The Big Idea
Burning a hole in their pockets
Stephen Stanley | June 25, 2021
This document is intended for institutional investors and is not subject to all of the independence and disclosure standards applicable to debt research reports prepared for retail investors.
The economic shutdown that prevented consumers from spending on a variety of services over the last year along with generous federal government payments in the form rebate checks and supplemental unemployment benefits has left households with massive funds burning a hole in their pockets. With the economy fully reopened, that money represents a tailwind for consumer demand that may last for years.
Balance sheet update
The Fed’s quarterly Financial Accounts of the U.S. came out on June 10 offering data through the first quarter of 2021. Among other things, this report offers a quarterly snapshot on household finances. The state of the household balance sheet has arguably never been better.
Household assets rose by more than $5 trillion in the first quarter to over $150 trillion. As usual, the two largest line items on the household asset ledger were real estate and equity holdings. Both surged in value in the first three months of this year, real estate by $900 billion and equities by $2.4 trillion..
Household liabilities meanwhile only increased by about $200 billion, mainly reflecting a rise in home mortgage debt. Consumer credit was down in the quarter and has been essentially flat since the end of 2019, as many households used the windfall from federal payments to pay down debt.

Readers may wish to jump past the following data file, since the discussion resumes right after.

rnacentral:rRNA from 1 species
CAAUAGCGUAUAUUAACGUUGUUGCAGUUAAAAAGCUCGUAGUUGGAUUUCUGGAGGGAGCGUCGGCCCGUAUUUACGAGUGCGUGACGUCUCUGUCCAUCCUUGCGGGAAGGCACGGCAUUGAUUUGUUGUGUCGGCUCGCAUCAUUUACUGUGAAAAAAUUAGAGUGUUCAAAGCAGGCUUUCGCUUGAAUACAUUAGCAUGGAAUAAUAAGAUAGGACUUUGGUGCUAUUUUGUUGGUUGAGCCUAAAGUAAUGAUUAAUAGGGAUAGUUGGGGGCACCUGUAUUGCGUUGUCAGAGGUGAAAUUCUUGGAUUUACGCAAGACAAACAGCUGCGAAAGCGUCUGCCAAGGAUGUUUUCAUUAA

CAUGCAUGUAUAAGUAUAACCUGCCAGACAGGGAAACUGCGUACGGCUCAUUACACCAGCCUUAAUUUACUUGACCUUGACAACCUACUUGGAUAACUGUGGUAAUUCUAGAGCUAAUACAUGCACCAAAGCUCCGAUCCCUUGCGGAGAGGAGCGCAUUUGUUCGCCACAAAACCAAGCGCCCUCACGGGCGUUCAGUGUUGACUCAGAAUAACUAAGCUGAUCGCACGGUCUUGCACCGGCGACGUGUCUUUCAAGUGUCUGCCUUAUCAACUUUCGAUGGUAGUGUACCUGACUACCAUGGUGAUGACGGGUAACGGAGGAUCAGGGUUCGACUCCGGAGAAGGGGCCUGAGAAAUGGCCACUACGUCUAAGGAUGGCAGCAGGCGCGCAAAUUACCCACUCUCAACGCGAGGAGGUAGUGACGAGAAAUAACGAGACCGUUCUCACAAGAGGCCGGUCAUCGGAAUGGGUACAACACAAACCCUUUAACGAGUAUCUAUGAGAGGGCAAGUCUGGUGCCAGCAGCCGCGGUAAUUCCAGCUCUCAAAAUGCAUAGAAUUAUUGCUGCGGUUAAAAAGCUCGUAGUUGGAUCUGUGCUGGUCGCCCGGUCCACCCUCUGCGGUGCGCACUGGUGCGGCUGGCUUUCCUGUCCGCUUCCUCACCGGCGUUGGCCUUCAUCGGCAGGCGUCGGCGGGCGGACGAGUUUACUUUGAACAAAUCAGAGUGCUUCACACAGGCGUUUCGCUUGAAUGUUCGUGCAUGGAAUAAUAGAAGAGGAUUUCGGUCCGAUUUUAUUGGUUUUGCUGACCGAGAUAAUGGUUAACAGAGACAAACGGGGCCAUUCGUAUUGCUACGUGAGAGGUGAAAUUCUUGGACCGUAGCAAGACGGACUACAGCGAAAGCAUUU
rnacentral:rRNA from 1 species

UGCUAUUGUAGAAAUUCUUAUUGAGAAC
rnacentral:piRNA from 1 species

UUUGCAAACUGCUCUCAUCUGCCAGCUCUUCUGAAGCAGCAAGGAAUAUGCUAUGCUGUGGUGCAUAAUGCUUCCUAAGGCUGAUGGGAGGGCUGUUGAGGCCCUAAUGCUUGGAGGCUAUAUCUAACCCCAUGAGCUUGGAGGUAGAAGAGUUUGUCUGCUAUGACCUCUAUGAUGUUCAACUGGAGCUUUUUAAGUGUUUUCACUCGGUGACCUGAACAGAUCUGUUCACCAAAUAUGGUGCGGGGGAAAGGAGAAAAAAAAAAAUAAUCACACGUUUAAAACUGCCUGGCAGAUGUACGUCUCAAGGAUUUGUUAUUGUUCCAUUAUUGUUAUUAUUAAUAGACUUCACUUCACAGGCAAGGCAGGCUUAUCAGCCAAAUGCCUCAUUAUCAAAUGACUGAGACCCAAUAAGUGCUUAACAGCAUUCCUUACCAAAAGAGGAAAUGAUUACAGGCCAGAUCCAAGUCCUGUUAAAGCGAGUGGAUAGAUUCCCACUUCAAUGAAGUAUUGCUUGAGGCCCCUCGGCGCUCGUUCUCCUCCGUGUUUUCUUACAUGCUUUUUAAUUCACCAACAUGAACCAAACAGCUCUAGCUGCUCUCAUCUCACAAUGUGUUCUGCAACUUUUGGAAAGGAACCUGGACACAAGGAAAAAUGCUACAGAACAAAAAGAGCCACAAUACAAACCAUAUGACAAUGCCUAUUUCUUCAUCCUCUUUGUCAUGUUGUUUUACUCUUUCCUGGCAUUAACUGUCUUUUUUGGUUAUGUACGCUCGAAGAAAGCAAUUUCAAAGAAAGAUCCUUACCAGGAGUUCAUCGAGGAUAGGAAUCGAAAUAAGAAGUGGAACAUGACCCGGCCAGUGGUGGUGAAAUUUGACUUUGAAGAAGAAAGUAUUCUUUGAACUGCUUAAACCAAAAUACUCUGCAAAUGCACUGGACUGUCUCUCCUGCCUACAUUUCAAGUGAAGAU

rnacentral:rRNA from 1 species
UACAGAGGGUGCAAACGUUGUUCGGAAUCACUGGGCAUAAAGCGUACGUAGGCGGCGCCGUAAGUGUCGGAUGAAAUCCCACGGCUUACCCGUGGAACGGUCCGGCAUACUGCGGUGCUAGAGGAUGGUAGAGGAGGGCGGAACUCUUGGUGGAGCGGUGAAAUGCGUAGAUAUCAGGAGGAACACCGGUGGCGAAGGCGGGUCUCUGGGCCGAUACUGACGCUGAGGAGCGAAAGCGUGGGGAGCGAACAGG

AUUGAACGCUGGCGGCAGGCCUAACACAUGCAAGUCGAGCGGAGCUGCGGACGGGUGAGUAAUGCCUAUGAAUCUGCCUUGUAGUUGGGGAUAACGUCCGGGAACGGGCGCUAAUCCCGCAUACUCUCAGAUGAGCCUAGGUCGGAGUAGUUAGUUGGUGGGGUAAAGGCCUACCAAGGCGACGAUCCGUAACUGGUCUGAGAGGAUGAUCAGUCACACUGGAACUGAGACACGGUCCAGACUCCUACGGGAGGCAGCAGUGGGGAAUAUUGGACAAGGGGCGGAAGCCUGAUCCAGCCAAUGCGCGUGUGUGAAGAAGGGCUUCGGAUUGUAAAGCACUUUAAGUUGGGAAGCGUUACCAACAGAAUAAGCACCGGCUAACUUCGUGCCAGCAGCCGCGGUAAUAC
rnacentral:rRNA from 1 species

As a result, the net worth of households jumped by another $5 trillion to $137 trillion, up by almost $20 billion or 16% over the past five quarters.
A steep increase in unrealized capital gains on homes and stock portfolios may make people feel wealthier but may result directly in only a limited boost to consumer spending. After the experience of the past 20 years, having seen both the stock market and the housing market endure gut-wrenching swoons, households are likely to be much slower to spend those unrealized gains, what economists call the wealth effect.
However, there is one particular portion of the household balance sheet that stands out, based on its unusual behavior during the pandemic and its potency to propel consumer spending.
Households’ liquid assets, as defined by the Fed’s count of currency, bank deposits, and money market fund shares, has surged since the end of 2019. The jump likely reflects two factors. First, consumers’ ability to spend, especially on a variety of services, was severely restricted during the lockdowns last year and still impeded significantly until very recently. Second, federal efforts to provide payments to households to offset lost labor income due to the pandemic substantially overshot the mark, pushing personal income far above pre-pandemic levels.
As surveys have suggested, households spent a fraction of the rebate checks, perhaps around one-quarter, and used most of the rest to either pay down debt or save. The bulk of the savings was parked in liquid vehicles, perhaps indicating that households wanted to keep the funds handy for a day (now come) when they could spend more freely.